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Environment

'Rogue' Fishing Crew in Iceland Accused of Poaching Massive Blue Whale

Why Global Citizens Should Care
Killing a blue whale violates international protections for the mammal, which is endangered, and sets a dangerous precedent according to marine conservationists. The United Nations’ Global Goal 14 calls on countries to protect the world’s oceans. You can take action on this issue here.

An Icelandic fishing crew has been accused of illegally killing a blue whale earlier this week, according to CNN, violating international laws that protect the endangered species.

The incident was documented by the marine conservation group Sea Shepherd UK and the marine activist Paul Watson in a Facebook post, which included a number of allegedly incriminating photos.

If the allegation proves true, it will mark the first time that a blue whale, the largest mammal on Earth, has been slaughtered in more than 40 years, according to Sea Shepherd.

Whaling captain Kristján Loftsson spearheaded the expedition and denies the accusation, claiming that the harpooned whale is a hybrid species, not a blue whale, and therefore the catch was legitimate.

"We have never caught a blue whale in our waters since they were protected," Kristján Loftsson, managing director of Hvalur hf, told CNN. "We see them in the ocean. When you approach a blue whale, it's so distinct that you leave it alone."

Watson and others argue that Loftsson, who is sometimes referred to as a “rogue whaler,” most certainly caught a blue whale.

“Loftsson has committed a blatant crime and he has done so with impunity,” Watson wrote in his Facebook post. “Not only that, his whaling station crew posed for photos next to and even on top of the whale in a sign they knew very well this was a rare Blue whale. Then, presumably without reporting the Blue whale to authorities Loftsson ordered his crew to butcher the whale just like it was another Fin whale – the meat, skin, blubber and bone all now mixed in with the Fin whales previously caught to hide his crime – or maybe being hidden from potential inspections by the authorities.”

Read More: This Whale Died From 64 Pounds of Plastic in Its Stomach

The Icelandic government is now investigating the matter and will be conducting DNA samples to verify the species, a process that could take months, according to CNN.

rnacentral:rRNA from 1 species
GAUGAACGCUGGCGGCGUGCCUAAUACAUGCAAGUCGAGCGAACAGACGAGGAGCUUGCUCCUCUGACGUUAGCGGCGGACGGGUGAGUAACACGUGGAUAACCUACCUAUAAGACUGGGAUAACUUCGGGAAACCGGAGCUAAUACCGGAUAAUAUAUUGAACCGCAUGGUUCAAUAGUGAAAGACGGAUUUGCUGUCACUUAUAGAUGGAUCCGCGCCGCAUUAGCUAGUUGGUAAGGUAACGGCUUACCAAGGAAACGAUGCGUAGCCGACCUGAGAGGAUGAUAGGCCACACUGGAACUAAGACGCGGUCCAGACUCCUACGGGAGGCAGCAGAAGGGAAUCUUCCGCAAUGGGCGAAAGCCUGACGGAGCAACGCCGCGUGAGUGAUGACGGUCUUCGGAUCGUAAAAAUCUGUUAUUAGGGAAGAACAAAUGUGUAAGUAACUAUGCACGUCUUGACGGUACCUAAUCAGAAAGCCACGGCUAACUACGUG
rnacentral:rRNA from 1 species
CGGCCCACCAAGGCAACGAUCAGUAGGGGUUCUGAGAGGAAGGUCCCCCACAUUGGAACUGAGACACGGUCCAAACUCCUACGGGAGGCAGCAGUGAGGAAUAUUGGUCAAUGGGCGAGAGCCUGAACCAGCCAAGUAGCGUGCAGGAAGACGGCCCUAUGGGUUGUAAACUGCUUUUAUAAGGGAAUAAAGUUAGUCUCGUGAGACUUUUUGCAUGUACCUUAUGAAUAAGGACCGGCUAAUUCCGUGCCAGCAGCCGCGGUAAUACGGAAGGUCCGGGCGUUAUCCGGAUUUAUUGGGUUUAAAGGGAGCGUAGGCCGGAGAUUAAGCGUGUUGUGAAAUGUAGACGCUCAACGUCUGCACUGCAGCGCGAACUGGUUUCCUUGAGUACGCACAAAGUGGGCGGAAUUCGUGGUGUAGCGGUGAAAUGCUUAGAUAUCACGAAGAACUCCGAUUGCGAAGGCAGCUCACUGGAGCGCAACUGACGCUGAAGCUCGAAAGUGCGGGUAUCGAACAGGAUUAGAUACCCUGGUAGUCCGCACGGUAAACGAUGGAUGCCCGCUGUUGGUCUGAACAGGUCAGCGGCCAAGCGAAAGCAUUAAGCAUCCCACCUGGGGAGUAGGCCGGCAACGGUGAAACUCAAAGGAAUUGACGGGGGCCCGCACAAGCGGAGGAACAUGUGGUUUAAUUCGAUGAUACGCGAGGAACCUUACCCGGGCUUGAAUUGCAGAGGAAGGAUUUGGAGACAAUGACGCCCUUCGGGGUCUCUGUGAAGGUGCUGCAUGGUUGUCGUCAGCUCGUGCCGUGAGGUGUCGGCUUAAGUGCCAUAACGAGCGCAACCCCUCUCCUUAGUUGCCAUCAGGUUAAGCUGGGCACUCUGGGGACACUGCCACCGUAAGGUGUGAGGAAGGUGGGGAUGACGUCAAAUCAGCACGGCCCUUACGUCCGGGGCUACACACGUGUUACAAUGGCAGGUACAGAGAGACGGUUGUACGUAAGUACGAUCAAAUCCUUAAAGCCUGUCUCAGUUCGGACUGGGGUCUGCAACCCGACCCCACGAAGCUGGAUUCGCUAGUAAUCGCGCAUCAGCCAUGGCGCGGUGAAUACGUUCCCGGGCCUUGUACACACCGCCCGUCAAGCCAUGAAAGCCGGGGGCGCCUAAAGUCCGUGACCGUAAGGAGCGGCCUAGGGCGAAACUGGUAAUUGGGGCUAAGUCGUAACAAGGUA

Marine scientists who spoke with CNN said that certain physical features, including the animal’s size, its fins, and complexion, all indicate a blue whale.

If the animal turns out to be a blue whale, the Icelandic government may sanction the fishing crew due to the mounting international outrage.

However, Iceland is not a member of international treaties that protect blue whales, according to CNN. Other whaling nations such as Norway and Japan have also abstained from joining the agreements, allowing for the continued slaughter of hundreds of whales each year.

After a two-year pause, Iceland’s government set a catch limit of 191 fin whales for this year.

Read More: Starving, Diseased, Battered by Noise — This Orca Population Is Dying

Loftsson told CNN that whaling is an integral part of Icelandic culture and criticizing whaling teams is like criticizing deer hunters in the US.

However, whales throughout the world are endangered and blue whales in particular are facing a significant decline, according to the World Wildlife Fund.

sho-hatakeyama-117292-unsplash.jpgPhoto by Sho Hatakeyama on Unsplash

The species was almost hunted to extinction during the 20th century, when an international ban was placed on hunting the animal, allowing it to gradually recover.

Even still, the animal has a range of threats, including acidifying oceans, loss of food such as krill, ship strikes, noise from ocean traffic, industrial pollution, and more.

Read More: ‘This Is the Year’: An Alaska Town Hopes, Prays, to Catch a Whale

Adding poaching to this deadly mix is an intolerable development for conservationists.

“The crime committed against this iconic whale must be fully investigated by independent inspectors with DNA samples taken from all the whale meat and parts in storage at Loftsson’s whaling station and warehouses since the whale has been butchered and removed from view potentially to hide the evidence as Loftsson has no authority (even within Iceland) to kill a Blue whale,” Robert Read, Sea Shepherd UK’s chief operating officer, said in a statement.